Asad Shafiq – 107 v Bangladesh at Mirpur
The third century of the innings was made by Asad Shafiq, which was his 6th in tests in 35 matches, his second in Bangladesh (the other was made in Chittagong in 2011) and his 4th highest in tests (his career best is 137 v New Zealand in Sharjah last year). He has two tons against South Africa as well, and one other against Sri Lanka.
We’ve done Mirpur now in the Younis Khan hundred yesterday, so sort of running out of things to say at the stadium or Pakistani level now! So was thinking, had we had a 107 this year, so far? The answer is no, so we can go to town on that then!
Have you seen a test 107, Dmitri? The answer is “not really”. I was there on Day 2 of the England v Sri Lanka test in 1998, when Graeme Hick was dismissed on 107 early on that day, but he’d scored all the runs the day before. So it doesn’t really count.
Asad’s 107 was the 68th score of 107 in test cricket. The last one before him was by Jimmy Neesham against the West Indies last year at Sabina Park, Kingston. The last by a Pakistani was by Younis Khan (not out) against India at Eden Gardens, Kolkata in November 2007. David Boon, Allan Lamb, Denesh Ramdin, Alec Stewart, Doug Walters and Younis Khan have all made two scores of 107 in test matches.
The first 107 was made back in July 1893 at Lord’s. Arthur Shrewsbury, who we featured in an earlier piece, had made 106 in the first innings of the game, and when Harry Graham came in for the Australians at 75/5 on the dismissal of Trott(y) things looked bleak. But Graham kept the visitors honest with his 107 which he made on his test debut. I love the old Almanack entries on Cricinfo…. here cometh a mention of a “5”:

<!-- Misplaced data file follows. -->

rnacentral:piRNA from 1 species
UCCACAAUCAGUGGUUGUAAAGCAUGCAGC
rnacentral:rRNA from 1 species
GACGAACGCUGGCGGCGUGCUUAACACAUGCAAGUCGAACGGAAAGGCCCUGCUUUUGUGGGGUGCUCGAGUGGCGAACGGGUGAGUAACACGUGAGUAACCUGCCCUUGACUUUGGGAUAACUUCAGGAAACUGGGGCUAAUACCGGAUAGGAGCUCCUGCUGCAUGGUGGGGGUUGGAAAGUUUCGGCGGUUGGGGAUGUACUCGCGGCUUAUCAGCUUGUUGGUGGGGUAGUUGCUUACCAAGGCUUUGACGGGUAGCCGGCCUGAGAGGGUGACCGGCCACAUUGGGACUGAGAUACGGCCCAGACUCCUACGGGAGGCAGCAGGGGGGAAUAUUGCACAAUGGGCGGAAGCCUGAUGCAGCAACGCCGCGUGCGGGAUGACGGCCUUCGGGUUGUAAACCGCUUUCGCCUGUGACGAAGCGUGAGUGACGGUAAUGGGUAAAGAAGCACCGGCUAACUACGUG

Half the wickets were down for 75, but then came the partnership between Gregory and Graham, which completely altered the aspect of the match. These two young cricketers began by making a series of short runs, and obviously upset the fieldsmen by the fearless and rapid manner in which they travelled between the wickets. Very soon, too, the bowlers became anxious, and almost before the spectators could realise it runs were coming at a great pace. So admirably did the two Australians bat that at lunch time 120 runs had been added without further loss, and in all the total had reached 217, or 142 for the wicket, before Gregory was dismissed. With Bruce in, Graham completed his hundred, and soon afterwards the follow-on was saved with four wickets in hand, but at 264 Graham’s splendid, though by no means faultless innings, was closed by a catch at the wicket. Out of 189 added during his stay, the young Victorian had made 107, batting for two hours and twenty minutes, and hitting a 5, twelve 4’s, two 3’s, and nine 2’s.
The obituary makes you want to find out more:
Harry Graham did many brilliant things as a batsman but scarcely gave himself a fair chance. Had he ordered his life more carefully he might have had a much longer and more successful career in first-class cricket. His natural powers were great. He did not play with quite a straight bat but he was a splendid hitter with any amount of dash and vigour. When he came to England for the first time in 1893 he was at his best, playing the innings of his life against England at Lord’s. No one who saw the match will forget the way in which he and Gregory knocked off the England bowling after Australia had lost five wickets for 75.
Count me in as intrigued. On a bit of subsequent research I found this – http://www.cemeteries.org.nz/stories/grahamharrysthn90608.pdf
Other 107s to note, maybe, even if it isn’t a wonderful big ton, are Alec Stewart’s only hundred against the old enemy, made in Melbourne in 1998, when he gave up the gloves to Warren Hegg, in a game England won. In 2004, Marcus Trescothick completed two centuries in a match when he made 107 in the 2nd innings against the West Indies at Edgbaston. But all in all, 107 isn’t earth shattering, is it?
Especially when you have a 226 and a 148 coming in before you.
Asad Shafiq’s 100 came up in 149 balls and contained 9×4 and 1×6.